Why You Can't Trust the IRS
This year some 40 million Americans will clash with the Internal Revenue Service, and in a rising number of those confrontations, the taxpayer will be right, writes Daniel J. Pilla in "Why You Can't Trust the IRS" (Policy Analysis no. 222). Pilla, author of How to Fire the IRS, finds that despite a doubling of its budget over the past 10 years and a nearly 20 percent increase in enforcement personnel, the IRS is increasingly incapable of administering the nation's tax law. He notes, for example, that the IRS telephone taxpayer-assistance program provides about 8.5 million Americans the wrong answers to even the most basic inquiries about the tax laws. This year roughly 10 million Americans will receive correction notices from the IRS assessing about $4 billion — and about half of those notices will be erroneous, Pilla writes. He also points out that about 40 percent of IRS penalty assessments are abated when citizens challenge the penalties. (In 1993 taxpayers were overcharged $5 billion.) Further, a 1993 General Accounting Office audit of the IRS found widespread evidence of financial malfeasance and gross negligence. The IRS could not account for 64 percent of its congressional appropriation.
Pilla says the IRS fails to meet the standards of financial accountability and diligence that it imposes on the citizenry. Since the IRS can no longer adequately police itself, he writes, it can no longer be trusted with the authority to police individual American businesses and taxpayers. Pilla concludes that the time has come to abolish the complicated and intrusive income tax system — including the IRS — and replace it with a national sales tax.
Environmental Law Threatens Basic Liberties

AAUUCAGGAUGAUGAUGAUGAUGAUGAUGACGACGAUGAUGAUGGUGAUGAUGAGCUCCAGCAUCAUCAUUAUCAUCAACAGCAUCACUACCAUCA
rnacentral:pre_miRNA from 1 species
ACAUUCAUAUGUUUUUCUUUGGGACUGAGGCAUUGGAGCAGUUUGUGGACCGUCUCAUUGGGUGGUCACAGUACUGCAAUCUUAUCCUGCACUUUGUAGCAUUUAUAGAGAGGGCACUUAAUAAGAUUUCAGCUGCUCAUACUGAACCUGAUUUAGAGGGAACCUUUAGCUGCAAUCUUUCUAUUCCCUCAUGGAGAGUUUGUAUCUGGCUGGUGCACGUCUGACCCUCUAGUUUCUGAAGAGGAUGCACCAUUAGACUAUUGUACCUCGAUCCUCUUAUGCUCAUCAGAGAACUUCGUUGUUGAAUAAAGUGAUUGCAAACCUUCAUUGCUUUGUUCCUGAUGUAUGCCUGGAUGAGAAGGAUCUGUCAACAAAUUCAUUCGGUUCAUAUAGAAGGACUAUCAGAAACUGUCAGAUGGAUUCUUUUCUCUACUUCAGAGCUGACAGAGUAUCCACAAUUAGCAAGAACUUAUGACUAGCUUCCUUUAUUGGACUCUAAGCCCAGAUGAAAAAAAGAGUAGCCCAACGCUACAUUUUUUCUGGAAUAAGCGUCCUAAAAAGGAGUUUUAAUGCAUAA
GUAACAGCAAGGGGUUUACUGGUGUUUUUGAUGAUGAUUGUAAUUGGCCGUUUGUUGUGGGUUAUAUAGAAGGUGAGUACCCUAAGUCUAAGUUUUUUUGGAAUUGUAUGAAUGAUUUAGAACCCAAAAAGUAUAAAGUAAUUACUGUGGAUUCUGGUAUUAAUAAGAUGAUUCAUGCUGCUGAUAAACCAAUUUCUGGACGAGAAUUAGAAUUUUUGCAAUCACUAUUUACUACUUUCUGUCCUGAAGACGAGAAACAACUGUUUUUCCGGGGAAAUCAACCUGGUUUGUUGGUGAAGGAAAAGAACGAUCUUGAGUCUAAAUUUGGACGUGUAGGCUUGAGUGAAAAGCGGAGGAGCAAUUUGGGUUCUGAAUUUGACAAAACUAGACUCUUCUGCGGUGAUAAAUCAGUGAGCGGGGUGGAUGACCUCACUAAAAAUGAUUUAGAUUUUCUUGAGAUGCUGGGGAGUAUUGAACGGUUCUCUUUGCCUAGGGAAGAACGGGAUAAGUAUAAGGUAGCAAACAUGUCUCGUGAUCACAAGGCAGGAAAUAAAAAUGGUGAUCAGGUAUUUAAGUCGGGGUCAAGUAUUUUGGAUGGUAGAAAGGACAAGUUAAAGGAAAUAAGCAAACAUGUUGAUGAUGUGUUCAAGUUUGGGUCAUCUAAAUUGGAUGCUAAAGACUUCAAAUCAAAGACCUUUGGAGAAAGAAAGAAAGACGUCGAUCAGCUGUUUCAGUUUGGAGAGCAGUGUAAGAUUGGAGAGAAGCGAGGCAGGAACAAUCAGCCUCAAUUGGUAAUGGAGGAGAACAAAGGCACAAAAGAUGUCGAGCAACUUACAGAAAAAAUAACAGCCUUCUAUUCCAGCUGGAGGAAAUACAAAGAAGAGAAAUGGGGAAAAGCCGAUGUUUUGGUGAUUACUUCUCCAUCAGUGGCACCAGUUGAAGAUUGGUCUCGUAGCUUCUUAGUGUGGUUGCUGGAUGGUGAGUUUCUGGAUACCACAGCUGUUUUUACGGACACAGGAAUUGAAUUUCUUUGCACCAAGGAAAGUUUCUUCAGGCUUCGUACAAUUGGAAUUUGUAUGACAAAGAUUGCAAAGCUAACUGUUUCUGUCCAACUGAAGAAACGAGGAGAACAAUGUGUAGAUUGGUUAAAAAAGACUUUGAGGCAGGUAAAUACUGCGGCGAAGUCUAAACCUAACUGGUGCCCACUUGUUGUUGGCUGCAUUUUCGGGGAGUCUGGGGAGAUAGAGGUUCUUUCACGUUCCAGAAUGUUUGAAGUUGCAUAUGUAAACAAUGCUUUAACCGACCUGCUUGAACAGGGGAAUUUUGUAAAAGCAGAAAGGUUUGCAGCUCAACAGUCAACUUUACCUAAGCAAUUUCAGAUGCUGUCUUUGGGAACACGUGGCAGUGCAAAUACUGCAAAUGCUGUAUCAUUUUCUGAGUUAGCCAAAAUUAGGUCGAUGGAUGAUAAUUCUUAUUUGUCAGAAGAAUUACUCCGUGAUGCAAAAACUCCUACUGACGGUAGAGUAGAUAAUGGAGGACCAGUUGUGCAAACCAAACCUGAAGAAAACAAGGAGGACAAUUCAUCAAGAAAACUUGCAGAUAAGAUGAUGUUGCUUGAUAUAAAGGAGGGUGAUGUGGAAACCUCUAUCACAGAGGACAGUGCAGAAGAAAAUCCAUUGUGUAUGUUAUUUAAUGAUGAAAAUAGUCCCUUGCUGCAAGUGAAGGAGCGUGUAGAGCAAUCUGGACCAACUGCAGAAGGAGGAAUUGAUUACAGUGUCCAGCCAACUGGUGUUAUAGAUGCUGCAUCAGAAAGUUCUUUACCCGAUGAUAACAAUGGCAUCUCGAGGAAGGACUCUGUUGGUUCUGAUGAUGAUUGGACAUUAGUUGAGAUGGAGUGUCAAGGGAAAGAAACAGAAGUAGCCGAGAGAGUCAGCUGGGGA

Many basic constitutional principles are being compromised to facilitate environmental investigations and prosecutions, writes Timothy Lynch, assistant director of Cato's Center for Constitutional Studies, in "Polluting Our Principles: Environmental Prosecutions and the Bill of Rights" (Policy Analysis no. 223). According to Lynch, federal lawmakers have authorized coercive "self-confession" programs and warrantless inspections of commercial premises. The law has stripped environmental criminal suspects of traditional legal defenses such as good faith, fair warning, and double jeopardy. Stringent regulations make it extremely difficult for legitimate businesses to operate within the law. Indeed, Lynch adds, the web of regulations has grown so dense that many observers believe compliance with the law is unachievable. Many American businesses are currently operating in what is essentially a regulatory police state. In recent years environmental criminal prosecutions have become a major interest of federal prosecutors. Each year the Department of Justice announces "record levels" of fines imposed, persons indicted, and jail time served for infractions of environmental regulations. The ostensible purpose of the criminal program is to punish and deter polluters whose actions might endanger public health and the environment. However desirable those policy objectives may be, Lynch argues, they should not obscure the means by which the government pursues its environmental mandate.